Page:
Tennant's recent hamlet ends on Horatio's line leaving Fortinbras off screen about to enter. After discussing this with my fiance (who is a History grad student and sees things in a different light), we very much enjoyed that ending. I liked it because of the tightness of that final scene. Horatio rushes in to grab the falling/dying Hamlet and the two of them fill the shot. Horatio reaches across Hamlet for the poisoned cup, rather than away from him. and they fight over the cup and it gets thrown off screen all while the camera remains transfixed on them until hamlets death and Horatio's lines. It is only after his lines that the camera shot pulls out to reveal the all of the carnage of the room and that is when my fiance pointed out that Fortinbras had become irrelevant. Because for my fiance, the point of Fortinbras' entrance in that final scene is to catalog and observe the carnage and receive Horatio's verbal history. But with the use of security cameras throughout the movie, the visual record is preserved. Indeed that final shot, though it doesn't look through the camera lens that has been shown us many times throughout the movie. It is a view of the carnage from above the room. This is reminiscent of the security cameras earlier in the film. It was an interesting choice with interesting consequences for the aftermath of the film, though not as pointed as Branagh's Hamlet being carried christlike from the room by Fortinbras' men.

JM said...

In the Folio he has a scene of eight lines with the Captain after Claudius sends Ros. & Guild. after Hamlet. Immediately following that (in Quarto 2) Hamlet enters and speaks with the Captain (about Fortinbras) as he observes Fortinbras' army march before him. Then follows the wonderful soliloquy (most times included in anyone's "edit" anyway) "How all Occasions do inform against me.
So In Shakespeare's play, the end is not the first time Fortinbras is seen. We've become so used to indiscriminate editing that it now seems like an afterthought or out of place for him to "suddenly appear" at the end of the play. Olivier, with some editing, gave most of the lines at play's end to Horatio. At least they were included.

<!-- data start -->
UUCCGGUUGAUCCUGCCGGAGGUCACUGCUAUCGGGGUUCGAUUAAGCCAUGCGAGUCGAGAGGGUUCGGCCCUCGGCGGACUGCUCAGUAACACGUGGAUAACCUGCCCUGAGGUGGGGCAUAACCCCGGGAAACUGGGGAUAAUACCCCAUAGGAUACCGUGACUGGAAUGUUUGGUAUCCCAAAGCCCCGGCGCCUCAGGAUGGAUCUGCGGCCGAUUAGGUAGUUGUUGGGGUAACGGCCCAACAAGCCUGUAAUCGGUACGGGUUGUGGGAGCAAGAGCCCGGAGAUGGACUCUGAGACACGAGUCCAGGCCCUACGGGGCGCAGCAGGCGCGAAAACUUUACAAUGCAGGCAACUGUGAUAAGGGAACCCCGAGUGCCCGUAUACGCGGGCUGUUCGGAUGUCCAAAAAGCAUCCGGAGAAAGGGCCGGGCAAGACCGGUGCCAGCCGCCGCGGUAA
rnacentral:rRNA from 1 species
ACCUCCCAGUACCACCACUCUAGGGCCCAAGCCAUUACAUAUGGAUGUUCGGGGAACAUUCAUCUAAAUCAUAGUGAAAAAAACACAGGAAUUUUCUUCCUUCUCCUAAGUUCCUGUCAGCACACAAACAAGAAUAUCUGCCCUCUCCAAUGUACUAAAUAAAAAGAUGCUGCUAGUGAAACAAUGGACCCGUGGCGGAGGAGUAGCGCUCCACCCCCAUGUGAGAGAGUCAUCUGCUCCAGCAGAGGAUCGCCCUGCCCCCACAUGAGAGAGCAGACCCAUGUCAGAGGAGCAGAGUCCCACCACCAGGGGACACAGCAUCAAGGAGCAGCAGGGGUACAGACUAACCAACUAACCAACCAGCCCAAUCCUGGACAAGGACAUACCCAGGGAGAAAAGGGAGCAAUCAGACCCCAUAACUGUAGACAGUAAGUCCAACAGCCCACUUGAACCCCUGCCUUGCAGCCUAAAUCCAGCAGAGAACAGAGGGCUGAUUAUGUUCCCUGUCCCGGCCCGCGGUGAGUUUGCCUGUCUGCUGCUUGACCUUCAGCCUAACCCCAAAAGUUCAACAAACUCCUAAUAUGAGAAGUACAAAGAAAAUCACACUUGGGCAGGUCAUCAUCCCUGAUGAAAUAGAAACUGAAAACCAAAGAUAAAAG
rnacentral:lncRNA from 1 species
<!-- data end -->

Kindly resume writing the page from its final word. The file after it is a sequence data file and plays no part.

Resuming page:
I believe them to be there for a reason. I even found a way to include both Fort. and his lines in a two hour version (and Reynaldo as well!). Apparently, S. had a reason for the lines and characters. To simply dismiss them as so much superfluity, as so many so-called editors have done, is to dismiss Shakespeare. After all, it's his play. This is how HE chose to end it.
But there are always those who would do him one better, I suppose. One would think that with all the genius floating around they'd be writing their own plays instead of "improving upon" Shakespeare's.

Anonymous said...

No love for Edgar? Gives me chills each time.

Duane said...

Edgar who? In King Lear, Kent and Albany have the last lines:

I have a journey, sir, shortly to go;
My master calls me, I must not say no.


The weight of this sad time we must obey;
Speak what we feel, not what we ought to say.
The oldest hath borne most: we that are young
Shall never see so much, nor live so long.

catkins said...

Othello!!! Especially as you have defined it, Duane. Give me the last 32 lines. I can't resist. Here they are. I can never hold back tears.

Soft you; a word or two before you go:
I have done the state some service, and they know't:
No more of that. I pray you, in your letters,
When you shall these unlucky deeds relate,
Speak of me, as I am. Nothing extenuate,
Nor set down aught in malice. Then must you speak,
Of one that loved not wisely, but too well:
Of one, not easily jealous, but being wrought,
Perplex'd in the extreme: Of one, whose hand
(Like the base Indian) threw a pearl away
Richer than all his tribe: Of one, whose subdued eyes,
Albeit unused to the melting mood,
Drops tears as fast as the Arabian trees
Their medicinable gum. Set you down this:
And say besides, that in Aleppo once,
Where a malignant, and a turban'd Turk
Beat a Venetian, and traduced the state,
I took by the throat the circumcised dog,
And smote him, thus.
Stabs himself
O bloody period.
All that's spoke, is marr'd.
I kiss'd thee, ere I kill'd thee: No way but this,
Killing myself, to die upon a kiss.
This did I fear, but thought he had no weapon:
For he was great of heart.
[To IAGO] O Spartan dog:
More fell than anguish, hunger, or the sea:
Look on the tragic loading of this bed:
This is thy work: the object poisons sight,
Let it be hid. Gratiano, keep the house,
And seize upon the fortunes of the Moor,
For they succeed on you. To you, Lord Governor,
Remains the censure of this hellish villain:
The time, the place, the torture, oh enforce it:
Myself will straight aboard, and to the state,
This heavy act, with heavy heart relate.